Being Ba Vafa

Sima Bina and her all-women band perform "Majoon Naboodom" in Germany.

It's Friday. So, it wasn't the most productive of weeks for me, at least not physically. Though sick, I had a good week, filled with kindness and affection of friends and family. Your good vibes were received and much appreciated. My sons and Iden are getting ready to go celebrate their youth on a Friday night in San Francisco. Ho Hum...I'm not going to worry about their driving in the pouring rain or anything of that kind. At least they have agreed to stay at their friend, Ghazal's house for the night, so I won't worry about their getting home very late. On the upside, I have a beautiful roaring fire going and the house all to myself, so I can listen to my music in a little bit.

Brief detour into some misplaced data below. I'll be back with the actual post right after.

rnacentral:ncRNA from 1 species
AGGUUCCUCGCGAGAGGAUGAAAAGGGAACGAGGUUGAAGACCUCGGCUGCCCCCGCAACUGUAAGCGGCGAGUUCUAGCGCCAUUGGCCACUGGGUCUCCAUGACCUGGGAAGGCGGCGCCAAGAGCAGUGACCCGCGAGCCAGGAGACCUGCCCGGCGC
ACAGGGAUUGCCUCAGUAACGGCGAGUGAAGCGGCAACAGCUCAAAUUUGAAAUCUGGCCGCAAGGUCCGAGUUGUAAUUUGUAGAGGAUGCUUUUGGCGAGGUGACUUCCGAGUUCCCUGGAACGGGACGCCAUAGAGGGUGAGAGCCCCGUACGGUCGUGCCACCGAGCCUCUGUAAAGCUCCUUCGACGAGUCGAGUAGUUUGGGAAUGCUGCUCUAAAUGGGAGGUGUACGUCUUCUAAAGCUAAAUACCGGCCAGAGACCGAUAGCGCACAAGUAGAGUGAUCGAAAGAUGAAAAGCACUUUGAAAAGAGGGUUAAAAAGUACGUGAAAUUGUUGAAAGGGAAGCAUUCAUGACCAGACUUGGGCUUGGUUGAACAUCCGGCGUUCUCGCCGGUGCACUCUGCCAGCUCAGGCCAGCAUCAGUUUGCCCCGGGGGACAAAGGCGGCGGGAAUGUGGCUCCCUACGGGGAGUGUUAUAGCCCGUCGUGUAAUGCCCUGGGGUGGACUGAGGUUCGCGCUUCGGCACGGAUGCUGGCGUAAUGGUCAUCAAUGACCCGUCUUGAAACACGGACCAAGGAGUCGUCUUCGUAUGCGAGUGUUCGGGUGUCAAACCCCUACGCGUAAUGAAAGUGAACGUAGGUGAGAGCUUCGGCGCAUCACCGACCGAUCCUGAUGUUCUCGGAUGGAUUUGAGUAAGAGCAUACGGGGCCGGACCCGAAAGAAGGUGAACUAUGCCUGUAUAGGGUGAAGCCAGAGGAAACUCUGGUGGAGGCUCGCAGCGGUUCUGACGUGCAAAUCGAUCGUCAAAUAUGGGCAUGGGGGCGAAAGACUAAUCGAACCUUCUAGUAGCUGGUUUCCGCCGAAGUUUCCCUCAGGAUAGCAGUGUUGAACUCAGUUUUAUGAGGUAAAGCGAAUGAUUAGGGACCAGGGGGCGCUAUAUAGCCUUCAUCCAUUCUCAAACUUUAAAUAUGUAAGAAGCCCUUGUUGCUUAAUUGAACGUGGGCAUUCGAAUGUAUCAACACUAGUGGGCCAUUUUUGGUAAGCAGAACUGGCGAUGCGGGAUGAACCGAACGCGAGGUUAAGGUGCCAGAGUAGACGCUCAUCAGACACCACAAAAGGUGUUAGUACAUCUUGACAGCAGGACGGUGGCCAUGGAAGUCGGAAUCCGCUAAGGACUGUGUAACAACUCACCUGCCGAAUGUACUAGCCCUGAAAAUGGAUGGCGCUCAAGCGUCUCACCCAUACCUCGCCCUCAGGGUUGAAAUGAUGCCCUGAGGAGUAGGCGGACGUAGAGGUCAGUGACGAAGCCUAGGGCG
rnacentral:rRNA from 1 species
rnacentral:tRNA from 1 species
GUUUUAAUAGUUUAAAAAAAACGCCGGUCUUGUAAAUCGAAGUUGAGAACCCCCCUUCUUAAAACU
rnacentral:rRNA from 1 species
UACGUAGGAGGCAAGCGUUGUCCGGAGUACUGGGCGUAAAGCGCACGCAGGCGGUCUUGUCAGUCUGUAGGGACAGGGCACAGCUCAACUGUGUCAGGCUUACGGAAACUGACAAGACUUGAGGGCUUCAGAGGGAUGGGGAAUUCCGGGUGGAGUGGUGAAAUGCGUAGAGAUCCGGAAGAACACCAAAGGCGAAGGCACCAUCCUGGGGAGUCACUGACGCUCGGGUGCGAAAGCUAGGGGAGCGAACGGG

My work on the "relationships" piece is compiling nicely. Ha Ha, I have enough material to write a book on that subject! Have you ever noticed how much better we are at discussing other people's relationships than we are in discussing our own?! The truth is that I have been an utter failure myself when it comes to relationships with men. Up until two years ago, I was married all my life. None of this "dating" business feels familiar or comfortable to me, as a result. I get so easily confused about signals and intentions and wishes, something sooooo humiliating in a middle-aged woman who is expected to be a lot more experienced and mature. The men I find attractive usually don't appear terribly attractive to my friends (well, they think my taste in men sucks!). None of the men I like are terribly handsome, that's true, because looks are so overrated in my opinion. I like intelligent men, those who can think and talk and tell me things I have never heard before. So far we don't have a problem, right? WRONG! The men I like, yes, the "intelligent" ones, either like women a lot younger than me, or they claim that they are very messed up and cannot commit! With all due respect for the institution of marriage, I don't believe that in second and third "versions" of partnership in life, a legal marriage is the absolute form of commitment. The commitment I'm talking about is one in which two people who have their own lives and homes and families are in an adult companionship which is meaningful to both of them, never having to worry what the other one is up to, and who else might be in his or her life, committing to be monogomous. All my life I have thought jealousy to be such a waste of perfectly good emotion and energy; energy that can better be spent loving, trusting, laughing, dancing, and enjoying life. To spend time "wondering" is a destroyer of life and hope, in my opinion. Well, I am tempted to conclude that relationships are just too hard in my station in life. I have been thinking recently that I must just give it up, and when I get one more tap on the shoulder from another man at work or in social and cultural setups, whether he is Iranian, American, younger, older, handsome, or ordinary-looking, I should just tell him off and be left to my own devices. There, for some reason I just told you more about myself than I was willing to say for a long time!